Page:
Even before it rocketed to the New York Times bestseller list, The Lost Fleet series was hailed by critics and readers alike as some of the best new science fiction to hit the shelves. Jack Campbell has a lot going for him: strong storytelling, real-life Navy experience, and a knack for timeless epics. Plus, he’s a lot of fun to chat with. Here’s what he has to say about starship battles, the legend of Black Jack and the inspiration that drives him.
Sci Fi Bookshelf.com: The Lost Fleet series kicks off with one heck of a bang: the near-annihilation of the Alliance fleet, and the heroic efforts of Captain John “Black Jack” Geary to shake off a century-long hibernation and lead the survivors to safety. Did the inspiration for The Lost Fleet start with that moment in time, or was it more about the harrowing journey home?
Jack Campbell: The initial inspiration for The Lost Fleet actually grew out of a question posed by Susan Shwartz (another SF writer). She was writing Star Trek tie-ins at the time, and asked how a long retreat scenario would work in that universe. My answer then was you couldn’t do it because of the way Star Trek had established its rules for technology and faster-than-light travel.
But it got me to wondering how a long-retreat scenario could work among the stars. The model for long retreats is Xenophon’s March of the Ten Thousand, so I tried to imagine how that would translate with a fleet of spaceships. That was half the inspiration.
The other half came from another idea I had been thinking about for a while, the widespread myths in which an ancient hero was not dead, but only sleeping, and would someday return when most needed. King Arthur is one of the most widely known, but there are many others such as the Twelfth Imam. I had been imagining what it would be like for a such a person to actually reawaken in the future. Far from being a figure of myth, they would be a real person, and probably stunned by the legends which had grown around them.
After years of mulling over these two concepts, at some point they came together in my head, and I think they fit very well with each other. The fleet which needs a hero to get it home through great peril, and the hero who is shocked to discover what he is now believed to be and that he is now expected to save the day. The fusion of two ancient ideas made a good basis for a story.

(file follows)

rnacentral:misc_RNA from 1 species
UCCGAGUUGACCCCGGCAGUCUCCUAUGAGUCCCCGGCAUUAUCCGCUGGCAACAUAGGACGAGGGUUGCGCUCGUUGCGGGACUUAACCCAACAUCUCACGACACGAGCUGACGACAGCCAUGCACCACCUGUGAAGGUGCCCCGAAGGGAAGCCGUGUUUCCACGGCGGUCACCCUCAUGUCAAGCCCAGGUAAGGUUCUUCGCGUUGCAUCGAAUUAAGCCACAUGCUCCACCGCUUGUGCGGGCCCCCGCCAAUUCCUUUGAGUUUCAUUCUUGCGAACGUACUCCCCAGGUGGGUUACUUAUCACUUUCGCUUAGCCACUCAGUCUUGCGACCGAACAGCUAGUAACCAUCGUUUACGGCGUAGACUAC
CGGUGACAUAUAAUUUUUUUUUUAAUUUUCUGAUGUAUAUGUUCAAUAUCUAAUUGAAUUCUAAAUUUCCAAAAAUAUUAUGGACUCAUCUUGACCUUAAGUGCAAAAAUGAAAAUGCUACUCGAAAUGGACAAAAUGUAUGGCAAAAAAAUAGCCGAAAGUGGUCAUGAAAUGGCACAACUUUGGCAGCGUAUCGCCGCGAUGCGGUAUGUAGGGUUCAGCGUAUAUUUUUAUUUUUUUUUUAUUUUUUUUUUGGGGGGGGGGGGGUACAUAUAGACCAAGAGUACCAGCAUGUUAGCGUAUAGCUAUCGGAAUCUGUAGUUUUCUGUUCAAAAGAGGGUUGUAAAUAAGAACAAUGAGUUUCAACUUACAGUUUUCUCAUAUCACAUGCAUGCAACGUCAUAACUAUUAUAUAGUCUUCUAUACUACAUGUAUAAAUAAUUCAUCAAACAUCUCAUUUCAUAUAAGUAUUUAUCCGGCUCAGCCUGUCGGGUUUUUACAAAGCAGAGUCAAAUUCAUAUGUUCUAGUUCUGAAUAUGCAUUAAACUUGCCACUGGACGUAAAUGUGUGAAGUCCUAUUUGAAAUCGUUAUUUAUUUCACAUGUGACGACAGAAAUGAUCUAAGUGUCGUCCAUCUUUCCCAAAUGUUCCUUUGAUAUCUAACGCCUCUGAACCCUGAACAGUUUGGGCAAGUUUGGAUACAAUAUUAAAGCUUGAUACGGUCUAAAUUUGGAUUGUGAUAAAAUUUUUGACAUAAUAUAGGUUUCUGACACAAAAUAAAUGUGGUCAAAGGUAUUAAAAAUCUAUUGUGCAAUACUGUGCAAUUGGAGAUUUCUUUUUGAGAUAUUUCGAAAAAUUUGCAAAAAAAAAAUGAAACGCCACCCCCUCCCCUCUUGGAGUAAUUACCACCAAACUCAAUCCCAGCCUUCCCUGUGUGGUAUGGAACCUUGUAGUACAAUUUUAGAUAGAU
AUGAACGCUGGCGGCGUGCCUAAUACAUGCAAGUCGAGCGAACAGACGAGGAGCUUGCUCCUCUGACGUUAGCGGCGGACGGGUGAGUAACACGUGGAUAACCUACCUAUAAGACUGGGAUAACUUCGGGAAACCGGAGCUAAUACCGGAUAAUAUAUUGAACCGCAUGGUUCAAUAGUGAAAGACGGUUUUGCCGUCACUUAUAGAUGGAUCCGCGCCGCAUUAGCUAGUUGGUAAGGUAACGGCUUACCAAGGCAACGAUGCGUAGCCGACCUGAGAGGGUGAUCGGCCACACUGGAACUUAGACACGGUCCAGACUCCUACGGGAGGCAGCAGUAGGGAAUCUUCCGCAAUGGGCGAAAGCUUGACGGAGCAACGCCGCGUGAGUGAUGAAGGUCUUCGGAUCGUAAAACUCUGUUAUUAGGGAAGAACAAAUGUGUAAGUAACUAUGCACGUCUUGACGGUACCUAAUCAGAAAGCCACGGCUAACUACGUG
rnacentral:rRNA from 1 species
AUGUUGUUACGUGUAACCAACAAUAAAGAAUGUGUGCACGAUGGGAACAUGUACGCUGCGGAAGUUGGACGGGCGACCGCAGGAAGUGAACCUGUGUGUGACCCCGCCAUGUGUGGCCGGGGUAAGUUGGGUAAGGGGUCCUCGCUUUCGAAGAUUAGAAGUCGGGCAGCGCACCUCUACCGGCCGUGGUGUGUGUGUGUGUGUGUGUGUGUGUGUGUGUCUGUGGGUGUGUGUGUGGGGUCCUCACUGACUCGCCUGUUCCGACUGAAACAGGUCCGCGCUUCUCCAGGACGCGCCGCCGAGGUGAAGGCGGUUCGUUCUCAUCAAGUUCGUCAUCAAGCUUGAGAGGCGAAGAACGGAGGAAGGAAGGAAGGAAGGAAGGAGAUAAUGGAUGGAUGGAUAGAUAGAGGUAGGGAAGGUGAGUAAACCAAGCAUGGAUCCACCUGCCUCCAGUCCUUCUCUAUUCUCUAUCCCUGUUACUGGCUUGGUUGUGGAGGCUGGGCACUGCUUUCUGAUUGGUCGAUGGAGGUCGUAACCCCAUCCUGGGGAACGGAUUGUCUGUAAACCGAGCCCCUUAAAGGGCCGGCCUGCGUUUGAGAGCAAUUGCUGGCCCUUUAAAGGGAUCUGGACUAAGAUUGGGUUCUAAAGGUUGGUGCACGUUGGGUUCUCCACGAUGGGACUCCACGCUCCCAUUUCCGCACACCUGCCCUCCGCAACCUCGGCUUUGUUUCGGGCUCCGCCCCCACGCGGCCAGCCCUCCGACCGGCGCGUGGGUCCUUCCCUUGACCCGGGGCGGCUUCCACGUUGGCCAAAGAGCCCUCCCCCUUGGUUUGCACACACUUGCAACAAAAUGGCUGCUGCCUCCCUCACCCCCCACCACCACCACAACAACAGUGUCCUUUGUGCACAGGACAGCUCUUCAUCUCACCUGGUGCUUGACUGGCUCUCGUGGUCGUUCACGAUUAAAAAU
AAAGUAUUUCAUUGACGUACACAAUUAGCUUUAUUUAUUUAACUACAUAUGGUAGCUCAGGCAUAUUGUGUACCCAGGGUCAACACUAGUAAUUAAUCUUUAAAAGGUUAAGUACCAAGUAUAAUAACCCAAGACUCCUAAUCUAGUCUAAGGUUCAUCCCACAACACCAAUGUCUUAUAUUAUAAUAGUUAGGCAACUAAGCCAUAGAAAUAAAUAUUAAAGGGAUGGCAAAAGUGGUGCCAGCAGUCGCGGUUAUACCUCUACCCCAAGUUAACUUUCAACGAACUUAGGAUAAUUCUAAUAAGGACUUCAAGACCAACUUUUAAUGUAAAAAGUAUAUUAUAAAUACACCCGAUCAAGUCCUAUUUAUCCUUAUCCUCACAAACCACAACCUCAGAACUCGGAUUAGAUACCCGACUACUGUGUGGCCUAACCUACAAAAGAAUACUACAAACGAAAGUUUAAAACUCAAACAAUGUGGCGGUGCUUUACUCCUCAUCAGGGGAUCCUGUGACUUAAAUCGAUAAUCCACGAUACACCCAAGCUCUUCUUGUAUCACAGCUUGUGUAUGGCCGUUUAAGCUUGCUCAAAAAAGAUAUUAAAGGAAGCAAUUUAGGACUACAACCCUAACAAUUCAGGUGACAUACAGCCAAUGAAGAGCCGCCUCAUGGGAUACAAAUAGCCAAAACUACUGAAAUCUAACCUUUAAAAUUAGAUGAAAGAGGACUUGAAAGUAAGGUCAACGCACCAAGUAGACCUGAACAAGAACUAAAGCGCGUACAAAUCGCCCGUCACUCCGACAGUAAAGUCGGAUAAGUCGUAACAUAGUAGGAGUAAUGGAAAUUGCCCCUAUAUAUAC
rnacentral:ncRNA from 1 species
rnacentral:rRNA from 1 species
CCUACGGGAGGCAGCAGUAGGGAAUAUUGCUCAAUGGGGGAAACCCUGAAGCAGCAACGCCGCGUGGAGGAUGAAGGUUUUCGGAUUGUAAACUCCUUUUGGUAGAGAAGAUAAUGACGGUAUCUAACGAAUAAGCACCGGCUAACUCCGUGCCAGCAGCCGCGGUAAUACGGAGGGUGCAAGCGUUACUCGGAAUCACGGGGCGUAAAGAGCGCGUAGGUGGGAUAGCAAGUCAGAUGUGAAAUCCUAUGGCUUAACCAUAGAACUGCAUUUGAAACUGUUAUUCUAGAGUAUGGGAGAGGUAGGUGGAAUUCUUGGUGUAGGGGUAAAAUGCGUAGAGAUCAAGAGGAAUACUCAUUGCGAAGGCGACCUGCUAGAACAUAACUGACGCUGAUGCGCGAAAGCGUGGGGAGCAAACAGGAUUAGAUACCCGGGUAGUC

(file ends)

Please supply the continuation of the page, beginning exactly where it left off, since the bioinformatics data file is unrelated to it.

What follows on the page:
SFB: What do you suppose makes Captain “Black Jack” Geary such a likable, all-too-human hero? Is it his constant struggle to live down his own legend, or something more?
JC: I tried to make him human in the sense of being aware of his own limitations and in being often almost overwhelmed by responsibilities that he had never asked for or expected. In much lesser ways, many of us face such situations, so it’s easy to empathize with what Geary is facing. At the same time, he sees the need to be more than he is. Unless he can achieve the sorts of things his heroic image claims he can do, then countless people will suffer. He’s smart enough to know he needs the help and advice of others, that he can’t go it alone even though ultimately the decisions he makes have to be his own. As a result, he respects those around him for what they know and as individuals in their own right.
So I think he is both accessible to readers, who can understand what he’s facing, and a character they can like because he keeps trying despite his fears and does his best to treat others right. He won’t let down those who are counting on him, even though the pressure is almost too much at times.
SFB: Can you give us a glimpse of what lies ahead for Black Jack?
JC: It’s hard to talk about what comes after VICTORIOUS without giving away what happens in VICTORIOUS. (Of course, the name VICTORIOUS does telegraph one of the plot points in that book.) His home is gone, lost in the past, so now the only home he knows is the fleet. He’s figuring out that every victory, every obstacle overcome, just leads to the next problem, and since his existence as Black Jack or his actions to solve past problems create some of the new problems, there’s no honorable way to avoid doing what he can to resolve each new problem. Fortunately, he won’t be alone.
SFB: What was it like to find out that RELENTLESS had sailed onto the New York Times bestseller list?